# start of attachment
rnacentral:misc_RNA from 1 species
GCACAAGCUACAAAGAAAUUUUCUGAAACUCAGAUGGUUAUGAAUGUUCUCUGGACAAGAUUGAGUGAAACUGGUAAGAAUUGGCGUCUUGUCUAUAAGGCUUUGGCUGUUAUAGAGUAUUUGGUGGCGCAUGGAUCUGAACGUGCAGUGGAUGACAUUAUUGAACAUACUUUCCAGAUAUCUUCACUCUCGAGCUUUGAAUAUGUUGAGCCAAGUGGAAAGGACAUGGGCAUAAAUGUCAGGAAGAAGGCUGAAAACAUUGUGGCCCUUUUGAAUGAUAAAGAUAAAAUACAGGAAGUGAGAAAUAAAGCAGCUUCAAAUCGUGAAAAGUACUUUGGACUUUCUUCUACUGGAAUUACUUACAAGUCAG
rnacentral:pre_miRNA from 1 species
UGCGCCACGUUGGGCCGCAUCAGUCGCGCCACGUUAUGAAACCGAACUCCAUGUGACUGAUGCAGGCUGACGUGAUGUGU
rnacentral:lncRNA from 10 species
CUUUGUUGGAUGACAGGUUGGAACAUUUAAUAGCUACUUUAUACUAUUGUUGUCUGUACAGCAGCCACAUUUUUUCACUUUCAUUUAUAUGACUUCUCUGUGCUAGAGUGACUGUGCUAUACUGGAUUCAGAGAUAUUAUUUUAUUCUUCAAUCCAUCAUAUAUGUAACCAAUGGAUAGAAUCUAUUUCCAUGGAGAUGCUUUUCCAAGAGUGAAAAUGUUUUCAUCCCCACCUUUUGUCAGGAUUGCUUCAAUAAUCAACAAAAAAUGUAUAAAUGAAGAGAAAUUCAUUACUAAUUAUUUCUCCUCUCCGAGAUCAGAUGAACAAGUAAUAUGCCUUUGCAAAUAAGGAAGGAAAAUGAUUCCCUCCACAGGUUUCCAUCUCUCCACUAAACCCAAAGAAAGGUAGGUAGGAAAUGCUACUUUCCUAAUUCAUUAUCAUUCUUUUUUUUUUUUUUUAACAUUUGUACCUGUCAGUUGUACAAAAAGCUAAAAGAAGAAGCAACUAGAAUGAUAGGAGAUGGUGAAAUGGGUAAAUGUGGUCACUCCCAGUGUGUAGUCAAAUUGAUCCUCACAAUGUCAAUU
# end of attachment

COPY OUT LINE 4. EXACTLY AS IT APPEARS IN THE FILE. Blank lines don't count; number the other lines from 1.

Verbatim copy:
UGCGCCACGUUGGGCCGCAUCAGUCGCGCCACGUUAUGAAACCGAACUCCAUGUGACUGAUGCAGGCUGACGUGAUGUGU